The number of ideas I have for topics to write about every single day overwhelms me. Even though being a writer is one of my dearest wishes for my life, I am often too overwhelmed by ideas to even try a single sentence. Or, I will sneak in 30 minutes or an hour to write and I will choose one specific direction, I will write several pages, and I end up feeling frustrated that, with all of these ideas in my head, this one small piece is all that has come out of me.
This year, I am on a mission to understand what “enough” means. After a lifetime of doing and being “too much” most of the time, with small breaks of doing and being nothing at all, I realized that in almost every single corner of my life I have had no idea what “enough” even was. I started this exploration in the major areas of self-care: What is enough sleep? Enough water? Enough food? Enough movement? Then, I extended this inquiry to higher self-care: What is enough time with family? Enough connection to friends? Enough purpose in my work? Which brings me to… What is enough writing?
What I’m realizing is that knowing what “enough” is requires an understanding of expectations. For most of my life, I have set my expectations for myself unreasonably high, so high that they are utterly impossible to meet. Even the greatest of successes — and I’ve had my share — feels like failure.
So, just imagine how failure — which I have also had my share of — has felt!
But I won’t write if I am afraid of failing. I won’t write if I feel like I have to write everything all at once. I won’t write if I set my expectations so high that I could never meet them. I won’t write if I don’t learn to understand and feel what enough writing is. It’s okay to begin small. It’s okay to just follow one direction and see what happens. It’s okay if nothing happens.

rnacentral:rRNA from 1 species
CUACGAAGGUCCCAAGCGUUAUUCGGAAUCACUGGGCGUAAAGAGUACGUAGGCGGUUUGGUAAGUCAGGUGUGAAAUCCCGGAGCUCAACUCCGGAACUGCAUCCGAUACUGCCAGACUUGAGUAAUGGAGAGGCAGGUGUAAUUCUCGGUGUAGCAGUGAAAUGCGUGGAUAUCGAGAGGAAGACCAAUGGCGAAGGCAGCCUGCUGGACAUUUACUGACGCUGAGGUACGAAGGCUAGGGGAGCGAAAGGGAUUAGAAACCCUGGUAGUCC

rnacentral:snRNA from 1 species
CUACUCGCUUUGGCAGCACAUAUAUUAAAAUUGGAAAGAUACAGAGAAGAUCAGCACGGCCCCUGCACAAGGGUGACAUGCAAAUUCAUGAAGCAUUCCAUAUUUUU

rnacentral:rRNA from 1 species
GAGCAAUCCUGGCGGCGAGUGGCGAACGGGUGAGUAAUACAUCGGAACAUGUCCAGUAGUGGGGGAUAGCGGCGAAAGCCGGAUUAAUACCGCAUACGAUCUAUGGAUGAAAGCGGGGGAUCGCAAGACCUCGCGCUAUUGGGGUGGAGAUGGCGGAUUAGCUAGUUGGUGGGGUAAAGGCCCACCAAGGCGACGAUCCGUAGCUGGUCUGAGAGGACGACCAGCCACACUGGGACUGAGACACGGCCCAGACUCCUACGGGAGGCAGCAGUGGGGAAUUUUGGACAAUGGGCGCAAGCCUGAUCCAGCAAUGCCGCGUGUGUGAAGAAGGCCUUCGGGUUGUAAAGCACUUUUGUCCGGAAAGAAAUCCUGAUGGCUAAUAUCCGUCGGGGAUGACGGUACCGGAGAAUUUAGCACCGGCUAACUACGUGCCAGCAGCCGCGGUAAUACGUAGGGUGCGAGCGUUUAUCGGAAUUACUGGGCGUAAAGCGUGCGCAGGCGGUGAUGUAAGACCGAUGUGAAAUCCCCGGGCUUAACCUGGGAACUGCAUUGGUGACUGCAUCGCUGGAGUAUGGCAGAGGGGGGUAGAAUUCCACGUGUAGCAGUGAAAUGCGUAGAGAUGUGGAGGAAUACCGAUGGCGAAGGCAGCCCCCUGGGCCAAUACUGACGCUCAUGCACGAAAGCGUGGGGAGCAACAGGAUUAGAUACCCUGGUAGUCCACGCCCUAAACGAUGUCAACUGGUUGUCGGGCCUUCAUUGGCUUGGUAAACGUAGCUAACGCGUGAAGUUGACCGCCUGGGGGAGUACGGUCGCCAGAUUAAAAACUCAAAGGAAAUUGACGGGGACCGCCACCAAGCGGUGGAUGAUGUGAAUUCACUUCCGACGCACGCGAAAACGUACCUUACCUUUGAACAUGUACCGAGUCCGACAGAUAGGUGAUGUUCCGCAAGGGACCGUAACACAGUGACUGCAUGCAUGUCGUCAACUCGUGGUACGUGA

My expectations for my writing are just to get as many of the ideas in my head out onto the page (or… screen) as possible. It actually doesn’t matter much whether the ideas — or the words — are good, useful, lead to anything publishable or noteworthy. If I am a writer, my job is just to write them. That’s enough.
About JodiAnn Stevenson
JodiAnn Stevenson lives in the U.S., in the Northwest Corner of Michigan’s Lower Peninsula, on The Big Lake. Her writing has appeared in numerous venues since 1996. She is the author of three published chapbooks of poetry: The Procedure (March Street Press, 2006); Houses Don’t Float (Habernicht Press, 2010); and Diving Headlong Into A Cliff of Our Own Delusion (Saucebox, 2011). Her mixed-genre work Marina Abramovic Is My Mother is available in the form of a short-run podcast. She has also produced eight chapbooks of poetry for The Broken Nose Collective which she co-founded in 2013. JodiAnn was founder and co-managing editor of the feminist micro-press, Binge Press and its sister journal, 27 rue de fleures, from 2004 until 2017.
A (more or less) complete list of publications and appearances: